Afonso, J., & Mesquita, I. (2013). Skill-based differences in visual search behaviours and verbal reports in a representative film-based task in volleyball. International Journal of Performance Analysis in Sport, 13(3), 669-677.

Baars, B. J. (Ed.). (2013). Experimental slips and human error: Exploring the architecture of volition. Springer Science & Business Media.

Chen, S. T., Wall, A., Davies, P., Yang, Z., Wang, J., & Chou, Y. H. (2013). A Human and Organisational Factors (HOFs) analysis method for marine casualties using HFACS-Maritime Accidents (HFACS-MA). Safety science, 60, 105-114.

Dekker, S. (2014). The field guide to understanding'human error'. Ashgate Publishing, Ltd..

Guo, B., Zhang, D., Yang, D., Yu, Z., & Zhou, X. (2014). Enhancing memory recall via an intelligent social contact management system. IEEE Transactions on Human-Machine Systems, 44(1), 78-91.

Harrington, R. J., & Ottenbacher, M. C. (2013). Managing the culinary innovation process: The case of new product development. Journal of culinary science & technology, 11(1), 4-18.

King, A., Holder, M. G., & Ahmed, R. A. (2013). Errors as allies: error management training in health professions education. BMJ Qual Saf, bmjqs-2012.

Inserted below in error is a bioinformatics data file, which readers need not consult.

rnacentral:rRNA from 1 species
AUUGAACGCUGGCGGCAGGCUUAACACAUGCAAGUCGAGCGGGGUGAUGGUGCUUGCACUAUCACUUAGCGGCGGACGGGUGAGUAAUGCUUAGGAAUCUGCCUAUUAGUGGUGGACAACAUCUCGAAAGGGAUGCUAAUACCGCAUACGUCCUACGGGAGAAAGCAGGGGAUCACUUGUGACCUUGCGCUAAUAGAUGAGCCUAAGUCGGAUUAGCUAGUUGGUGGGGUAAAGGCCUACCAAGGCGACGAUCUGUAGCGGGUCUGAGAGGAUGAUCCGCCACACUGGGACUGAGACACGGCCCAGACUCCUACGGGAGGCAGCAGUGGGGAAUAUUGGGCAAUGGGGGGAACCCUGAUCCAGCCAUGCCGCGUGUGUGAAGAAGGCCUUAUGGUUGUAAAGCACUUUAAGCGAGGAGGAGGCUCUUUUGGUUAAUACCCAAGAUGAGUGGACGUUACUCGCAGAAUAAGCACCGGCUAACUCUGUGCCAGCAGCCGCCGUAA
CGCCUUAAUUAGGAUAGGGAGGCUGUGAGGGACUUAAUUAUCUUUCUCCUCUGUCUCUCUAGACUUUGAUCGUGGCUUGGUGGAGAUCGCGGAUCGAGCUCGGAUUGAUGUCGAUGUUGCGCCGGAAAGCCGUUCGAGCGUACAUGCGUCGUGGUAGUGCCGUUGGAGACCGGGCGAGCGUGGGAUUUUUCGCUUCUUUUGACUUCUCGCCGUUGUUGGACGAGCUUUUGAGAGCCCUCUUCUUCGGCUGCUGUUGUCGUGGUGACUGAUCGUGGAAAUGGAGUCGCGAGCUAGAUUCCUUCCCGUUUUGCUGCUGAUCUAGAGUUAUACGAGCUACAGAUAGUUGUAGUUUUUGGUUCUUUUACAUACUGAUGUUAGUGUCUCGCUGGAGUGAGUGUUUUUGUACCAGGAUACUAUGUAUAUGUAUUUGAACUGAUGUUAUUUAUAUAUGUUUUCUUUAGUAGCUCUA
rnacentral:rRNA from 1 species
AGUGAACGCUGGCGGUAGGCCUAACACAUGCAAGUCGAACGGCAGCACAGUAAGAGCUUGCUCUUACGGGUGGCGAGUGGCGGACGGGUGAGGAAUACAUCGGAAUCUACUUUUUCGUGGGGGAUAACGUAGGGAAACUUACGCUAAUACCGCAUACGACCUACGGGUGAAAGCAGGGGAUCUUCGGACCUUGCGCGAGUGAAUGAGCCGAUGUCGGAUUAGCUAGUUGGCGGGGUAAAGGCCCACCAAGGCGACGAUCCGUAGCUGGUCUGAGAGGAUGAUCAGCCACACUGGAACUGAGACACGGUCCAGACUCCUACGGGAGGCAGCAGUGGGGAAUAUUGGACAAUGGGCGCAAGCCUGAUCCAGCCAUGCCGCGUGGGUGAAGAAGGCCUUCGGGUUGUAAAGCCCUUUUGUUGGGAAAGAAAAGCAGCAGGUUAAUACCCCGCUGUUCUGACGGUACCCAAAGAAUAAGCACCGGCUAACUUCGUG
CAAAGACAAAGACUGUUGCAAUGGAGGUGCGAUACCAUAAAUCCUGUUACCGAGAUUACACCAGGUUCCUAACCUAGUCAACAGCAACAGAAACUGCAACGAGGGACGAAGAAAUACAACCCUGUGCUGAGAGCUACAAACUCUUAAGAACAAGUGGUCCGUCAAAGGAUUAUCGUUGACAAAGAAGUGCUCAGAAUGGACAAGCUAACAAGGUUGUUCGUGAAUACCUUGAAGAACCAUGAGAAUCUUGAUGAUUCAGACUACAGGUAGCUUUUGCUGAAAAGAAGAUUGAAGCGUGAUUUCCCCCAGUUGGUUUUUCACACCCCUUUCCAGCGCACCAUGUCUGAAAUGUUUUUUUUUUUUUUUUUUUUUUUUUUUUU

Kuselman, I., Pennecchi, F., Fajgelj, A., & Karpov, Y. (2013). Human errors and reliability of test results in analytical chemistry. Accreditation and Quality Assurance, 18(1), 3-9.

Mattox, E. A. (2012). Strategies for improving patient safety: linking task type to error type. Critical care nurse, 32(1), 52-78.

Min, C., Kashyap, S., Lee, B., Song, C., & Kim, T. (2015, October). Cross-checking semantic correctness: The case of finding file system bugs. In Proceedings of the 25th Symposium on Operating Systems Principles (pp. 361-377). ACM.

Plant, K. L., & Stanton, N. A. (2012). Why did the pilots shut down the wrong engine? Explaining errors in context using Schema Theory and the Perceptual Cycle Model. Safety science, 50(2), 300-315.

Reason, J., & Hobbs, A. (2017). Managing maintenance error: a practical guide. CRC Press.